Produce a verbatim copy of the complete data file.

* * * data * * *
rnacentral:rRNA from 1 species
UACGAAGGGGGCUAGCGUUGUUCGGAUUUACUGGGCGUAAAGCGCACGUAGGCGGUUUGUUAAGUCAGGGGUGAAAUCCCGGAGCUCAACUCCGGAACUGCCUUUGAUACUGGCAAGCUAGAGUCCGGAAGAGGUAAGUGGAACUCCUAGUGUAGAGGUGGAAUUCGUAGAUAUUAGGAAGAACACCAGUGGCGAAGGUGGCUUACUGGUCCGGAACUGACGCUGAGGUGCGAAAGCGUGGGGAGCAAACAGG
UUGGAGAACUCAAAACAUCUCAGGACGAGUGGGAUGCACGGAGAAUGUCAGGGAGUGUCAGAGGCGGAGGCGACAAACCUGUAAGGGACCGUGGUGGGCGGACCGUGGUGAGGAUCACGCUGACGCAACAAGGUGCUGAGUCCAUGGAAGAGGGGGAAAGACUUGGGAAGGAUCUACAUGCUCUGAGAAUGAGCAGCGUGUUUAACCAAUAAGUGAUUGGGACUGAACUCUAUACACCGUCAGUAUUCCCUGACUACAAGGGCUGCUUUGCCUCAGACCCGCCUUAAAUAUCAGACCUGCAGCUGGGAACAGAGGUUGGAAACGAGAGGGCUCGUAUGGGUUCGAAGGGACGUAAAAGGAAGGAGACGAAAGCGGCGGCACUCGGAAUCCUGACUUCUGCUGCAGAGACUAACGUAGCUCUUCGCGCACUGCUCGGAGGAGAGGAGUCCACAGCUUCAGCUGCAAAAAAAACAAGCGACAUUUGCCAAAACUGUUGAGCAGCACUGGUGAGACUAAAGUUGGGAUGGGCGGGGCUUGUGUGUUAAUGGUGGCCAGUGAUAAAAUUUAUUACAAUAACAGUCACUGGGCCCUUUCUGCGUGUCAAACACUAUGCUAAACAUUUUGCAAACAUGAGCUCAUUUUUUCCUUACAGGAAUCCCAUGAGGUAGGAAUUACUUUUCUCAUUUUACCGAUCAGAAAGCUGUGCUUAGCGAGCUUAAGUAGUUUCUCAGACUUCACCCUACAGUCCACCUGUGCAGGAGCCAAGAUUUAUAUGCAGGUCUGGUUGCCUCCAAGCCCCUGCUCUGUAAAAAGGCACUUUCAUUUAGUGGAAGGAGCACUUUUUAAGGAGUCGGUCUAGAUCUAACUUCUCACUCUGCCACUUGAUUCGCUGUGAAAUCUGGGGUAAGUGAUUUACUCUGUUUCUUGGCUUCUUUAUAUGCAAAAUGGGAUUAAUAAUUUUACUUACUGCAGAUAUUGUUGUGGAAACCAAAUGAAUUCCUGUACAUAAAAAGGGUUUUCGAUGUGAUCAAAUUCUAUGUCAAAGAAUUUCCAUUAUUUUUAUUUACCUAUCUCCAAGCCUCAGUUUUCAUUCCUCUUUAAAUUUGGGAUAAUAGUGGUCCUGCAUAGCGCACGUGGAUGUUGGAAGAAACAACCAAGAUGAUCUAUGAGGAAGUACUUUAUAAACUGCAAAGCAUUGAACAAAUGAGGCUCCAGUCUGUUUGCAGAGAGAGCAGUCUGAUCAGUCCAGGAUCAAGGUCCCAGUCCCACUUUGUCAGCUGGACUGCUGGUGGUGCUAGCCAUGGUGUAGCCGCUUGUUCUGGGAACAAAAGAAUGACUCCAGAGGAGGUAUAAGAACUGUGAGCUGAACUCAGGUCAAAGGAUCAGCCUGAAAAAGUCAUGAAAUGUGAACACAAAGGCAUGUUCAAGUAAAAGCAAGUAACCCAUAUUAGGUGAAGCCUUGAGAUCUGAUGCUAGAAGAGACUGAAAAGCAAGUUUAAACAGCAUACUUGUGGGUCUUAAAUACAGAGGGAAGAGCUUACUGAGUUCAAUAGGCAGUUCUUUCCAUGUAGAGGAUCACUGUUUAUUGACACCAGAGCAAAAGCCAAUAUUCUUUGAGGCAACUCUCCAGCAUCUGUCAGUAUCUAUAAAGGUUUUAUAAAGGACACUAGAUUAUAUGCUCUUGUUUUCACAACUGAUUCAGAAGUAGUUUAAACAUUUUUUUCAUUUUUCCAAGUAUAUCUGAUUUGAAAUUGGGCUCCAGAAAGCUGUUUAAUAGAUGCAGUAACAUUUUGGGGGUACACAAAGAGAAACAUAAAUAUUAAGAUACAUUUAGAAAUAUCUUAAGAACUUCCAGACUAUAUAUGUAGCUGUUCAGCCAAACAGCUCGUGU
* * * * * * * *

rnacentral:rRNA from 1 species
UACGAAGGGGGCUAGCGUUGUUCGGAUUUACUGGGCGUAAAGCGCACGUAGGCGGUUUGUUAAGUCAGGGGUGAAAUCCCGGAGCUCAACUCCGGAACUGCCUUUGAUACUGGCAAGCUAGAGUCCGGAAGAGGUAAGUGGAACUCCUAGUGUAGAGGUGGAAUUCGUAGAUAUUAGGAAGAACACCAGUGGCGAAGGUGGCUUACUGGUCCGGAACUGACGCUGAGGUGCGAAAGCGUGGGGAGCAAACAGG
UUGGAGAACUCAAAACAUCUCAGGACGAGUGGGAUGCACGGAGAAUGUCAGGGAGUGUCAGAGGCGGAGGCGACAAACCUGUAAGGGACCGUGGUGGGCGGACCGUGGUGAGGAUCACGCUGACGCAACAAGGUGCUGAGUCCAUGGAAGAGGGGGAAAGACUUGGGAAGGAUCUACAUGCUCUGAGAAUGAGCAGCGUGUUUAACCAAUAAGUGAUUGGGACUGAACUCUAUACACCGUCAGUAUUCCCUGACUACAAGGGCUGCUUUGCCUCAGACCCGCCUUAAAUAUCAGACCUGCAGCUGGGAACAGAGGUUGGAAACGAGAGGGCUCGUAUGGGUUCGAAGGGACGUAAAAGGAAGGAGACGAAAGCGGCGGCACUCGGAAUCCUGACUUCUGCUGCAGAGACUAACGUAGCUCUUCGCGCACUGCUCGGAGGAGAGGAGUCCACAGCUUCAGCUGCAAAAAAAACAAGCGACAUUUGCCAAAACUGUUGAGCAGCACUGGUGAGACUAAAGUUGGGAUGGGCGGGGCUUGUGUGUUAAUGGUGGCCAGUGAUAAAAUUUAUUACAAUAACAGUCACUGGGCCCUUUCUGCGUGUCAAACACUAUGCUAAACAUUUUGCAAACAUGAGCUCAUUUUUUCCUUACAGGAAUCCCAUGAGGUAGGAAUUACUUUUCUCAUUUUACCGAUCAGAAAGCUGUGCUUAGCGAGCUUAAGUAGUUUCUCAGACUUCACCCUACAGUCCACCUGUGCAGGAGCCAAGAUUUAUAUGCAGGUCUGGUUGCCUCCAAGCCCCUGCUCUGUAAAAAGGCACUUUCAUUUAGUGGAAGGAGCACUUUUUAAGGAGUCGGUCUAGAUCUAACUUCUCACUCUGCCACUUGAUUCGCUGUGAAAUCUGGGGUAAGUGAUUUACUCUGUUUCUUGGCUUCUUUAUAUGCAAAAUGGGAUUAAUAAUUUUACUUACUGCAGAUAUUGUUGUGGAAACCAAAUGAAUUCCUGUACAUAAAAAGGGUUUUCGAUGUGAUCAAAUUCUAUGUCAAAGAAUUUCCAUUAUUUUUAUUUACCUAUCUCCAAGCCUCAGUUUUCAUUCCUCUUUAAAUUUGGGAUAAUAGUGGUCCUGCAUAGCGCACGUGGAUGUUGGAAGAAACAACCAAGAUGAUCUAUGAGGAAGUACUUUAUAAACUGCAAAGCAUUGAACAAAUGAGGCUCCAGUCUGUUUGCAGAGAGAGCAGUCUGAUCAGUCCAGGAUCAAGGUCCCAGUCCCACUUUGUCAGCUGGACUGCUGGUGGUGCUAGCCAUGGUGUAGCCGCUUGUUCUGGGAACAAAAGAAUGACUCCAGAGGAGGUAUAAGAACUGUGAGCUGAACUCAGGUCAAAGGAUCAGCCUGAAAAAGUCAUGAAAUGUGAACACAAAGGCAUGUUCAAGUAAAAGCAAGUAACCCAUAUUAGGUGAAGCCUUGAGAUCUGAUGCUAGAAGAGACUGAAAAGCAAGUUUAAACAGCAUACUUGUGGGUCUUAAAUACAGAGGGAAGAGCUUACUGAGUUCAAUAGGCAGUUCUUUCCAUGUAGAGGAUCACUGUUUAUUGACACCAGAGCAAAAGCCAAUAUUCUUUGAGGCAACUCUCCAGCAUCUGUCAGUAUCUAUAAAGGUUUUAUAAAGGACACUAGAUUAUAUGCUCUUGUUUUCACAACUGAUUCAGAAGUAGUUUAAACAUUUUUUUCAUUUUUCCAAGUAUAUCUGAUUUGAAAUUGGGCUCCAGAAAGCUGUUUAAUAGAUGCAGUAACAUUUUGGGGGUACACAAAGAGAAACAUAAAUAUUAAGAUACAUUUAGAAAUAUCUUAAGAACUUCCAGACUAUAUAUGUAGCUGUUCAGCCAAACAGCUCGUGU